"We all — in the end — die in medias res. In the middle of a story. Of many stories."

Sunday, October 30, 2011 by Lyle Fettig, MD ·

Wednesday, June 29, 2011

The New York Times Takes on the Issue of Rising Hospice Costs

This week the New York Times talks about the rising costs of providing hospice care in America with a particularly juicy hook about a nearly $25 million whistle-blower settlement against an Alabama hospice.  From there it talks about the focus of some hospices to seek patients who are likely to have longer lengths of stay, like dementia and stroke.  One research analyst even goes as far to say "It's a lucrative business, at least under the current reimbursement system."  They also feature an inspector general report that documentation for hospice patients in nursing homes was lacking. 

Not a good start from a newspaper that has actually been quite kind to hospice in the past.  The rest of the article goes on to discuss the various fixes including every hospice medical director's new task: the face to face certification visit.  (We have not yet dedicated a blog post to face-to-face home visits for certification, but one is in the works so we can has that out at a later date.)

But the article leaves out a lot and I feel it is pretty one-sided.  Apparently Don Schumacher, head of the NHPCO, has found some flaws in the article too as he is communicating with the NYT editorial board.  There is relatively little about potential changes to the payment structure to focus greater reimbursement during the first 7 and last 7 days of service when need is thought to be the greatest.  The article does not talk about or reference the article by another NYT reporter from 2007 with the title "In Hospice Care, Longer Lives Mean Money Lost" about the aggregate cap. Nor did it quote the Duke Study that found hospice care saved Medicare an average of $2,300 per beneficiary (OPEN ACCESS PDF), calling hospice “a rare situation whereby something that improves quality of life also appears to reduce costs.”  Yeah, they missed some stuff.

Which is not to say we need to look closely at fraud issues.  Good oversight is important for a multi-billion part of the health care system, but we have to realize that every problem started out as the solution to another problem.  The system is perfectly designed for the outcomes it gets.  So let your legislators know about what hospice means to you.  Talk to your organizations and actually answer the advocacy emails that moment instead of promising to get back to them later.

As the NYT usually does there is no ability to comment on the article but there is a linked blog post at "The New Old Age" which allows for comments.  As of this writing there are 64 comments.  Here are a few I thought stood out:

It is amusing and annoying to be complaining about the costs of hospice care, when in fact hospice patients are forgoing the ER visits, hospitalizations, specialists' visits, procedures, and many medications that Medicare would instead be covering if not for the patient making a decision to pursue comfort care only. So, what was the cost SAVINGS to Medicare by having these people on hospice, even though they stayed on longer than usual? Alot.- ras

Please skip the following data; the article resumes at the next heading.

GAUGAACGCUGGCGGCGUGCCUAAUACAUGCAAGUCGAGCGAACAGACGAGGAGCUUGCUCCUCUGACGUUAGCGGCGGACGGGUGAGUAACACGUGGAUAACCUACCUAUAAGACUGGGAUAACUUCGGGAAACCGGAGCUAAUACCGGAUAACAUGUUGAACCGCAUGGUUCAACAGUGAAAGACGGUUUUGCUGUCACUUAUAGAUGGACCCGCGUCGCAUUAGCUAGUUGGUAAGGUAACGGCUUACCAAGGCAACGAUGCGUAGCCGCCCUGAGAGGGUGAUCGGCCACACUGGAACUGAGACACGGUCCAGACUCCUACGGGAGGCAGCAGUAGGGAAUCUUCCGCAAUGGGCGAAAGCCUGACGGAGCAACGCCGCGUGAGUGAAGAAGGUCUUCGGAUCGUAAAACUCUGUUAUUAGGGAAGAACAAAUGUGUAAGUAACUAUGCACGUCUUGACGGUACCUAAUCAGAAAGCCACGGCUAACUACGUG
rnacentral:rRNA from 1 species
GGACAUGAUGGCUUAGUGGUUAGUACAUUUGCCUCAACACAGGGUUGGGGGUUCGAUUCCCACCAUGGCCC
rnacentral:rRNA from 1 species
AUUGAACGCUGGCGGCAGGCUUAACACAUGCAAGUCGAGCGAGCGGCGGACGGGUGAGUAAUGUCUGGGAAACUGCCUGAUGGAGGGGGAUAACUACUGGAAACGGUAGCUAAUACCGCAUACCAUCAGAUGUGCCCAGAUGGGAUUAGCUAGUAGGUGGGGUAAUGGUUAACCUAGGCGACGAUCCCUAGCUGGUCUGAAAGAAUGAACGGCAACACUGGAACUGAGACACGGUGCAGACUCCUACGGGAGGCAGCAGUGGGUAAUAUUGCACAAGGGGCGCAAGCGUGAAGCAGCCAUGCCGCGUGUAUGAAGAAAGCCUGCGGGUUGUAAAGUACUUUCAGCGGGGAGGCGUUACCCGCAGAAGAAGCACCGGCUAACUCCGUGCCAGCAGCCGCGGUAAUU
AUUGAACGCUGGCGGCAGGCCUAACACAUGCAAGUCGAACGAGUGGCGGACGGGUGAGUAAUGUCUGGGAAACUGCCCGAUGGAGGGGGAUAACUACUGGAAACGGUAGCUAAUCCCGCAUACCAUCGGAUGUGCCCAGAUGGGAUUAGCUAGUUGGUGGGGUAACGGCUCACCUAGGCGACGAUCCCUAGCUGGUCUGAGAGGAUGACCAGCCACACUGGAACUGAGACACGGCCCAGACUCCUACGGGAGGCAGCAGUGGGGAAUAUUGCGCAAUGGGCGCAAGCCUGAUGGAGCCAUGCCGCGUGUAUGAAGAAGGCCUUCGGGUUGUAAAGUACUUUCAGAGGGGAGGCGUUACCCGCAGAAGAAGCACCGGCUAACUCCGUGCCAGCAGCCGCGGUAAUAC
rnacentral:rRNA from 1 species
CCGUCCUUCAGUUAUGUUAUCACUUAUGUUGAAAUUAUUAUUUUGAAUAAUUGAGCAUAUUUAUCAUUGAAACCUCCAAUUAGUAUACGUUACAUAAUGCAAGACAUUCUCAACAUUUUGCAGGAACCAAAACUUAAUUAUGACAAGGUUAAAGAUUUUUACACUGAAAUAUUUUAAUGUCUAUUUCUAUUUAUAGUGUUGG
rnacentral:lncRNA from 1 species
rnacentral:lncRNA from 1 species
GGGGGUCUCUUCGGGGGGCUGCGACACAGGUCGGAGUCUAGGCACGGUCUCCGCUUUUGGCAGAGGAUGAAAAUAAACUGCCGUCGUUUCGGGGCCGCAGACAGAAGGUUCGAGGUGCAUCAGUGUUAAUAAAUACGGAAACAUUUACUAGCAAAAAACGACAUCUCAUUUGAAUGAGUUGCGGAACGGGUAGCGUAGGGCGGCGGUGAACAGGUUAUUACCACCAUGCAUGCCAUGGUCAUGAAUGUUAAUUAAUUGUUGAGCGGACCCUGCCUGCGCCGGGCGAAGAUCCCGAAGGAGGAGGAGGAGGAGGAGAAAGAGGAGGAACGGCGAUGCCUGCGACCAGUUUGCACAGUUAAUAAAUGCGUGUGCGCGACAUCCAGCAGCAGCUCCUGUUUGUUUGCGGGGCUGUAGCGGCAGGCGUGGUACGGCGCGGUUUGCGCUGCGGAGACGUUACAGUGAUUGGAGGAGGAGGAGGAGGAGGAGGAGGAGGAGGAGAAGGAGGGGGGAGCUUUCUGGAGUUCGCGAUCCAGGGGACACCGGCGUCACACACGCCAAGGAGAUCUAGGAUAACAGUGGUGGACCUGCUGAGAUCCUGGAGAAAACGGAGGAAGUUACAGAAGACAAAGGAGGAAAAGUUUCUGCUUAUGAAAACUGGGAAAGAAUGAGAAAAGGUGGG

I don't even believe desperate old people are gaming the system via hospice. But if they are, it's because this country has utterly failed them, taken payroll deductions for a lifetime in exchange for medical care in old age, and then only given the kind of medical care 70-year-olds need, not 90-year-olds. Shame on us. - jane gross

Hospice is a critical service that is offered to all. It is necessary, compassionate, and well run. So, if we discontinue it or cut services, we are a nation without merit and compassion. We will not only be third world, we should not be in this world. - Julie

The article disingenuously ignores this broader care issue while it exploits an example of an Alzheimer's patient. Please, NY Times, get perspective on the bigger picture. Help the US face its fear of dementia that keeps us in denial and prevents us from preparing to fight a huge healthcare tidal wave. Take more leadership and make a difference. - Suzanne

So it's too expensive to have an MD check on hospice patients once every six months? The health care industry has become even more shamelessly and barbaricly greedy than I thought. - Cowboy Marine

ResearchBlogging.orgTAYLOR JR, D., OSTERMANN, J., VANHOUTVEN, C., TULSKY, J., & STEINHAUSER, K. (2007). What length of hospice use maximizes reduction in medical expenditures near death in the US Medicare program? Social Science and Medicine, 65 (7), 1466-1478 DOI: 10.1016/j.socscimed.2007.05.028

Photo credit: Flickr user:  castle79

Wednesday, June 29, 2011 by Christian Sinclair ·

Tuesday, March 29, 2011

Palliative Care Featured in WaPo, WSJ, NPR, Boston Globe

Quick media round-up from this week:


All of these were making the rounds on Twitter today with lots of clicks and shares from people not in our field which is always nice to see. I am not going to go into detail on any of these articles tonight, but please share them with your team.  I particularly liked the WSJ and Boston Globe one.  The NYT blog deserves its own blog post to discuss the importance of language.